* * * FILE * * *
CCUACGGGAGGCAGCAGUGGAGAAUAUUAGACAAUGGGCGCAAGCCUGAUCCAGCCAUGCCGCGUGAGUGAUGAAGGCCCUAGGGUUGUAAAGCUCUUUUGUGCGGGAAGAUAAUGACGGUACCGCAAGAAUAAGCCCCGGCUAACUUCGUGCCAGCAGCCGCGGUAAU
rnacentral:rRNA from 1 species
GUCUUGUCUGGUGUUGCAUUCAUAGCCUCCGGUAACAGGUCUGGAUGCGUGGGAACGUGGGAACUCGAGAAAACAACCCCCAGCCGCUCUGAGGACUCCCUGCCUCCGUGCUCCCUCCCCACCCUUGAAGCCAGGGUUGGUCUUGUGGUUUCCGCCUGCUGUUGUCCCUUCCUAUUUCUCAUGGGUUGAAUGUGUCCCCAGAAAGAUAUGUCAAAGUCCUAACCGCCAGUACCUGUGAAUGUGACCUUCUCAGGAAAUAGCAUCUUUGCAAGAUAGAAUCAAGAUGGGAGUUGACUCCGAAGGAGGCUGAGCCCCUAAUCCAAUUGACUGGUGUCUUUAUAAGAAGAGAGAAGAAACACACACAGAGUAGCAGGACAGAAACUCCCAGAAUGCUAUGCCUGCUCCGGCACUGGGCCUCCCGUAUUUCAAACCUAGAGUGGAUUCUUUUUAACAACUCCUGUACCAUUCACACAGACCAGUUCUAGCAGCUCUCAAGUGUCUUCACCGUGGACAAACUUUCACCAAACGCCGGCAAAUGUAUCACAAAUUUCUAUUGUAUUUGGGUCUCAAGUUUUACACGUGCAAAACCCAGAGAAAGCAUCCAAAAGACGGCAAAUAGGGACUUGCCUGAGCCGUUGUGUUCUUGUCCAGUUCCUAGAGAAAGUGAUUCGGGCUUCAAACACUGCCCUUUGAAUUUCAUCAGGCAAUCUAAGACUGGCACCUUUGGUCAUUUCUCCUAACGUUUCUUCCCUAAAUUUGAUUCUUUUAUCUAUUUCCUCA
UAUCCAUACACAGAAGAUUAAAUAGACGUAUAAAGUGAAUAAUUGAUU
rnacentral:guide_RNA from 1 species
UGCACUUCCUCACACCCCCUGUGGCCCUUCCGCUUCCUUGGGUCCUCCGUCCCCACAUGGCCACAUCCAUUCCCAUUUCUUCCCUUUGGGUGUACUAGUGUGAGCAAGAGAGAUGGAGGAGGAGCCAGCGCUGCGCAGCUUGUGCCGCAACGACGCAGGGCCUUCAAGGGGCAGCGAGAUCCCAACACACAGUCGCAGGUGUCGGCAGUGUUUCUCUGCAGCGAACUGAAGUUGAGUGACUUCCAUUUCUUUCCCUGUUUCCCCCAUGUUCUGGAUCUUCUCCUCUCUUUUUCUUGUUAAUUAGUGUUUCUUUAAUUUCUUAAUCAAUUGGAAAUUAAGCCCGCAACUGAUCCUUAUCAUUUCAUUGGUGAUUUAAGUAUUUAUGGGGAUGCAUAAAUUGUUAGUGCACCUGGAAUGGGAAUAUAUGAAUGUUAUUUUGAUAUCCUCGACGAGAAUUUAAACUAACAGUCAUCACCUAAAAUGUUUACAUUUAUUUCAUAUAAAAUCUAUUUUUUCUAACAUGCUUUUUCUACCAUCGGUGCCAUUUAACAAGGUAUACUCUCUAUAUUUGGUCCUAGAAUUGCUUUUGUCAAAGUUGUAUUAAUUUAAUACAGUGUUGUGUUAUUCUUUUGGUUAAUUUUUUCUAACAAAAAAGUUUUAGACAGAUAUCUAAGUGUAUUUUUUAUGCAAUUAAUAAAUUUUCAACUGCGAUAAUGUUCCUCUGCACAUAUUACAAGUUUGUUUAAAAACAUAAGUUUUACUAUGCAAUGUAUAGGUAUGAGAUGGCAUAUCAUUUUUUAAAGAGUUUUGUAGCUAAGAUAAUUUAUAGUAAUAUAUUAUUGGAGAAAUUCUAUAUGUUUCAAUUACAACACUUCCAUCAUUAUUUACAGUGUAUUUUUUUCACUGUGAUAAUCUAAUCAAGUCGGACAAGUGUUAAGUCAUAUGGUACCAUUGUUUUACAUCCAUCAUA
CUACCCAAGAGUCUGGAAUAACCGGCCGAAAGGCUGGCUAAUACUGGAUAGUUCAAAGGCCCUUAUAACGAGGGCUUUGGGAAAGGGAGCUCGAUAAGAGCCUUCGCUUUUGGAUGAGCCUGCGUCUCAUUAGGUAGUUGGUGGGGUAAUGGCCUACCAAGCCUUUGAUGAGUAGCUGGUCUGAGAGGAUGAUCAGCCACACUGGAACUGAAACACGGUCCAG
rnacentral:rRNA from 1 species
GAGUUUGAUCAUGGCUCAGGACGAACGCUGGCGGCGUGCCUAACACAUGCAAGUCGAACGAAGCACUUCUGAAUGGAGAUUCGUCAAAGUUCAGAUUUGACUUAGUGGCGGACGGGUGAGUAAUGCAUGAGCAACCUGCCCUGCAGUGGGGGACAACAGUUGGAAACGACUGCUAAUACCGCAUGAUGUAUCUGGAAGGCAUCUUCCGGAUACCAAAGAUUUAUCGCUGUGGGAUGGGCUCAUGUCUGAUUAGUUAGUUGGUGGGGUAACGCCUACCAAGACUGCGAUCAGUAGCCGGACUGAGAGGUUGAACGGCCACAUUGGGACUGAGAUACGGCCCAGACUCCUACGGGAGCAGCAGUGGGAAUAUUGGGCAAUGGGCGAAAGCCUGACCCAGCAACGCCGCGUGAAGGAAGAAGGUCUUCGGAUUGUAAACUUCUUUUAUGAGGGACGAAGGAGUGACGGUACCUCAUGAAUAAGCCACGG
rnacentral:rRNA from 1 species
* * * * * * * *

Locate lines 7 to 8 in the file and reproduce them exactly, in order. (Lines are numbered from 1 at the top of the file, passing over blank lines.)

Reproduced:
CUACCCAAGAGUCUGGAAUAACCGGCCGAAAGGCUGGCUAAUACUGGAUAGUUCAAAGGCCCUUAUAACGAGGGCUUUGGGAAAGGGAGCUCGAUAAGAGCCUUCGCUUUUGGAUGAGCCUGCGUCUCAUUAGGUAGUUGGUGGGGUAAUGGCCUACCAAGCCUUUGAUGAGUAGCUGGUCUGAGAGGAUGAUCAGCCACACUGGAACUGAAACACGGUCCAG
rnacentral:rRNA from 1 species